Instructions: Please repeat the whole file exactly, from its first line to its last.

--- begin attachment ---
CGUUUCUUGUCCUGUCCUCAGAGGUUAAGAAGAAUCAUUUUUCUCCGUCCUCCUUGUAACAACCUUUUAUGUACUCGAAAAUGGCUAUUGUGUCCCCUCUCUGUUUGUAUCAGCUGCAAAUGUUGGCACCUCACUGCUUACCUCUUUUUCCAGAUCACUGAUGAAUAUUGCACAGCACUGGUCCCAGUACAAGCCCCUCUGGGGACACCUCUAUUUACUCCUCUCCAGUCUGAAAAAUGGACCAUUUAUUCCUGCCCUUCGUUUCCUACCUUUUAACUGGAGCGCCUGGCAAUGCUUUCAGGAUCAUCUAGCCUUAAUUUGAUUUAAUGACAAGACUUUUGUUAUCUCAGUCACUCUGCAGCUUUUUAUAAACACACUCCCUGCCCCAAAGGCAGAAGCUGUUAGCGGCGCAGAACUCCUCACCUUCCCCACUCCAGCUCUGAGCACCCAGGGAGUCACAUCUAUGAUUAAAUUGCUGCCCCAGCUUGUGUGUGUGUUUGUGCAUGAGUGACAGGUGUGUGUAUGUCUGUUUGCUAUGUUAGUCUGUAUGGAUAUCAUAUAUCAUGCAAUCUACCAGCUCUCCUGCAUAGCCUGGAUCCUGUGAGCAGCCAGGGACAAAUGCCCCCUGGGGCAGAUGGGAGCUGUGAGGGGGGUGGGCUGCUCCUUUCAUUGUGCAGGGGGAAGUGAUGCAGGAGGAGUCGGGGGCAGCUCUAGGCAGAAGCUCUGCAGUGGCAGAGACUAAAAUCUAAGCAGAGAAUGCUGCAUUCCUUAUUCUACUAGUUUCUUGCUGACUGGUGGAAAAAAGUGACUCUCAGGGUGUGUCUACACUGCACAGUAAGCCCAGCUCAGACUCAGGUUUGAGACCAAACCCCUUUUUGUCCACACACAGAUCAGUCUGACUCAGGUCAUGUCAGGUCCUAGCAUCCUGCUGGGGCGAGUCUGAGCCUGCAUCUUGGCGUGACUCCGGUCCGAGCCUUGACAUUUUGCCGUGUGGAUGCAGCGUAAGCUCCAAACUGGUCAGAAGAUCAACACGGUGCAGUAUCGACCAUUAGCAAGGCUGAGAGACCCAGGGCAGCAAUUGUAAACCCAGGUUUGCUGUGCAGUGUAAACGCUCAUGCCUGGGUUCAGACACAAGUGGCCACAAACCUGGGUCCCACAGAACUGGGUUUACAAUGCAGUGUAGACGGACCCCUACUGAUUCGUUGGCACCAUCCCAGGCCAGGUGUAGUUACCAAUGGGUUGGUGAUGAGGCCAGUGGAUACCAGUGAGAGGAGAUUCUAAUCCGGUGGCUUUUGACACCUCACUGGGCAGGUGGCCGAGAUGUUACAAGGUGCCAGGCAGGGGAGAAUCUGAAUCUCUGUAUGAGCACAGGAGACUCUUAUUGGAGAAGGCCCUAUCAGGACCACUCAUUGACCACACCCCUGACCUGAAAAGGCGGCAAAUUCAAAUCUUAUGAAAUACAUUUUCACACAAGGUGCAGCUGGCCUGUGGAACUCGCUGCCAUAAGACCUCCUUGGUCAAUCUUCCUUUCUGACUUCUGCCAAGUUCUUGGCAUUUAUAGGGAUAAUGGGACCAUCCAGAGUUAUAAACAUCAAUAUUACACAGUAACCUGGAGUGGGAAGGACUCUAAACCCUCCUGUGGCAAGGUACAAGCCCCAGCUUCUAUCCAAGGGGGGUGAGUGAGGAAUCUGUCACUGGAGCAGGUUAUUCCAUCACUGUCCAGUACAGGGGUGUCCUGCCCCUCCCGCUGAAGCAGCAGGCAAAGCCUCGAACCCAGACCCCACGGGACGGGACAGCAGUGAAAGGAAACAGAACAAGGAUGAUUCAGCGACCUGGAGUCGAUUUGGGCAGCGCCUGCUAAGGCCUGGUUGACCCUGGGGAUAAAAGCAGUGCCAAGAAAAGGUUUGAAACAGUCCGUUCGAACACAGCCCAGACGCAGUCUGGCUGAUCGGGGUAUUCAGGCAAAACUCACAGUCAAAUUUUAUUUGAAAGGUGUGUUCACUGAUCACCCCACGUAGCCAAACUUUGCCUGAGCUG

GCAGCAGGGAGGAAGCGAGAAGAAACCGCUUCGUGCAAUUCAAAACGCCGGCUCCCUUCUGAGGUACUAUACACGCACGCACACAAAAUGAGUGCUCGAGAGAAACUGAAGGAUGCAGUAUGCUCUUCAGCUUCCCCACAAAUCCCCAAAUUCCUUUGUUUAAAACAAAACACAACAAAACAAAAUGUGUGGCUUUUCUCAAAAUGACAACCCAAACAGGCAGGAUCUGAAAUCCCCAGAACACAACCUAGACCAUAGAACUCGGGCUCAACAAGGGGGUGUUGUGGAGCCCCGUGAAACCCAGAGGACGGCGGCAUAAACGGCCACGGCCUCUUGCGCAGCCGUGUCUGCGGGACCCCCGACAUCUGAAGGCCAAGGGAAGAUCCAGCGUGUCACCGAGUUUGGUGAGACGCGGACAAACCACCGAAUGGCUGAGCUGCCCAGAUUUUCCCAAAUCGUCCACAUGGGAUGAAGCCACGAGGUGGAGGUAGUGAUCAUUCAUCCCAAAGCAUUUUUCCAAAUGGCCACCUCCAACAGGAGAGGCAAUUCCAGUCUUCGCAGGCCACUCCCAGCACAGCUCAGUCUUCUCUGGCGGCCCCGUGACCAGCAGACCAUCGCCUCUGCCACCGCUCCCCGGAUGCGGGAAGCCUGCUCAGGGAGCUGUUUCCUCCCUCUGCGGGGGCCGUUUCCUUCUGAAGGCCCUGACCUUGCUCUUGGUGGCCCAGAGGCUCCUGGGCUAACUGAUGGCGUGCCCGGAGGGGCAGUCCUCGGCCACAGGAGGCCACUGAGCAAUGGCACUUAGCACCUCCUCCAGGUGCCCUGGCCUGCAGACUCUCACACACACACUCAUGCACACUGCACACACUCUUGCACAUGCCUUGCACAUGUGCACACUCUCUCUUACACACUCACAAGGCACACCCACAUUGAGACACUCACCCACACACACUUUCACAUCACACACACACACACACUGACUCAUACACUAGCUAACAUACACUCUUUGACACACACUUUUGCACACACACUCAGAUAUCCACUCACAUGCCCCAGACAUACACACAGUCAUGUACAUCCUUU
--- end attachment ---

CGUUUCUUGUCCUGUCCUCAGAGGUUAAGAAGAAUCAUUUUUCUCCGUCCUCCUUGUAACAACCUUUUAUGUACUCGAAAAUGGCUAUUGUGUCCCCUCUCUGUUUGUAUCAGCUGCAAAUGUUGGCACCUCACUGCUUACCUCUUUUUCCAGAUCACUGAUGAAUAUUGCACAGCACUGGUCCCAGUACAAGCCCCUCUGGGGACACCUCUAUUUACUCCUCUCCAGUCUGAAAAAUGGACCAUUUAUUCCUGCCCUUCGUUUCCUACCUUUUAACUGGAGCGCCUGGCAAUGCUUUCAGGAUCAUCUAGCCUUAAUUUGAUUUAAUGACAAGACUUUUGUUAUCUCAGUCACUCUGCAGCUUUUUAUAAACACACUCCCUGCCCCAAAGGCAGAAGCUGUUAGCGGCGCAGAACUCCUCACCUUCCCCACUCCAGCUCUGAGCACCCAGGGAGUCACAUCUAUGAUUAAAUUGCUGCCCCAGCUUGUGUGUGUGUUUGUGCAUGAGUGACAGGUGUGUGUAUGUCUGUUUGCUAUGUUAGUCUGUAUGGAUAUCAUAUAUCAUGCAAUCUACCAGCUCUCCUGCAUAGCCUGGAUCCUGUGAGCAGCCAGGGACAAAUGCCCCCUGGGGCAGAUGGGAGCUGUGAGGGGGGUGGGCUGCUCCUUUCAUUGUGCAGGGGGAAGUGAUGCAGGAGGAGUCGGGGGCAGCUCUAGGCAGAAGCUCUGCAGUGGCAGAGACUAAAAUCUAAGCAGAGAAUGCUGCAUUCCUUAUUCUACUAGUUUCUUGCUGACUGGUGGAAAAAAGUGACUCUCAGGGUGUGUCUACACUGCACAGUAAGCCCAGCUCAGACUCAGGUUUGAGACCAAACCCCUUUUUGUCCACACACAGAUCAGUCUGACUCAGGUCAUGUCAGGUCCUAGCAUCCUGCUGGGGCGAGUCUGAGCCUGCAUCUUGGCGUGACUCCGGUCCGAGCCUUGACAUUUUGCCGUGUGGAUGCAGCGUAAGCUCCAAACUGGUCAGAAGAUCAACACGGUGCAGUAUCGACCAUUAGCAAGGCUGAGAGACCCAGGGCAGCAAUUGUAAACCCAGGUUUGCUGUGCAGUGUAAACGCUCAUGCCUGGGUUCAGACACAAGUGGCCACAAACCUGGGUCCCACAGAACUGGGUUUACAAUGCAGUGUAGACGGACCCCUACUGAUUCGUUGGCACCAUCCCAGGCCAGGUGUAGUUACCAAUGGGUUGGUGAUGAGGCCAGUGGAUACCAGUGAGAGGAGAUUCUAAUCCGGUGGCUUUUGACACCUCACUGGGCAGGUGGCCGAGAUGUUACAAGGUGCCAGGCAGGGGAGAAUCUGAAUCUCUGUAUGAGCACAGGAGACUCUUAUUGGAGAAGGCCCUAUCAGGACCACUCAUUGACCACACCCCUGACCUGAAAAGGCGGCAAAUUCAAAUCUUAUGAAAUACAUUUUCACACAAGGUGCAGCUGGCCUGUGGAACUCGCUGCCAUAAGACCUCCUUGGUCAAUCUUCCUUUCUGACUUCUGCCAAGUUCUUGGCAUUUAUAGGGAUAAUGGGACCAUCCAGAGUUAUAAACAUCAAUAUUACACAGUAACCUGGAGUGGGAAGGACUCUAAACCCUCCUGUGGCAAGGUACAAGCCCCAGCUUCUAUCCAAGGGGGGUGAGUGAGGAAUCUGUCACUGGAGCAGGUUAUUCCAUCACUGUCCAGUACAGGGGUGUCCUGCCCCUCCCGCUGAAGCAGCAGGCAAAGCCUCGAACCCAGACCCCACGGGACGGGACAGCAGUGAAAGGAAACAGAACAAGGAUGAUUCAGCGACCUGGAGUCGAUUUGGGCAGCGCCUGCUAAGGCCUGGUUGACCCUGGGGAUAAAAGCAGUGCCAAGAAAAGGUUUGAAACAGUCCGUUCGAACACAGCCCAGACGCAGUCUGGCUGAUCGGGGUAUUCAGGCAAAACUCACAGUCAAAUUUUAUUUGAAAGGUGUGUUCACUGAUCACCCCACGUAGCCAAACUUUGCCUGAGCUG

GCAGCAGGGAGGAAGCGAGAAGAAACCGCUUCGUGCAAUUCAAAACGCCGGCUCCCUUCUGAGGUACUAUACACGCACGCACACAAAAUGAGUGCUCGAGAGAAACUGAAGGAUGCAGUAUGCUCUUCAGCUUCCCCACAAAUCCCCAAAUUCCUUUGUUUAAAACAAAACACAACAAAACAAAAUGUGUGGCUUUUCUCAAAAUGACAACCCAAACAGGCAGGAUCUGAAAUCCCCAGAACACAACCUAGACCAUAGAACUCGGGCUCAACAAGGGGGUGUUGUGGAGCCCCGUGAAACCCAGAGGACGGCGGCAUAAACGGCCACGGCCUCUUGCGCAGCCGUGUCUGCGGGACCCCCGACAUCUGAAGGCCAAGGGAAGAUCCAGCGUGUCACCGAGUUUGGUGAGACGCGGACAAACCACCGAAUGGCUGAGCUGCCCAGAUUUUCCCAAAUCGUCCACAUGGGAUGAAGCCACGAGGUGGAGGUAGUGAUCAUUCAUCCCAAAGCAUUUUUCCAAAUGGCCACCUCCAACAGGAGAGGCAAUUCCAGUCUUCGCAGGCCACUCCCAGCACAGCUCAGUCUUCUCUGGCGGCCCCGUGACCAGCAGACCAUCGCCUCUGCCACCGCUCCCCGGAUGCGGGAAGCCUGCUCAGGGAGCUGUUUCCUCCCUCUGCGGGGGCCGUUUCCUUCUGAAGGCCCUGACCUUGCUCUUGGUGGCCCAGAGGCUCCUGGGCUAACUGAUGGCGUGCCCGGAGGGGCAGUCCUCGGCCACAGGAGGCCACUGAGCAAUGGCACUUAGCACCUCCUCCAGGUGCCCUGGCCUGCAGACUCUCACACACACACUCAUGCACACUGCACACACUCUUGCACAUGCCUUGCACAUGUGCACACUCUCUCUUACACACUCACAAGGCACACCCACAUUGAGACACUCACCCACACACACUUUCACAUCACACACACACACACACUGACUCAUACACUAGCUAACAUACACUCUUUGACACACACUUUUGCACACACACUCAGAUAUCCACUCACAUGCCCCAGACAUACACACAGUCAUGUACAUCCUUU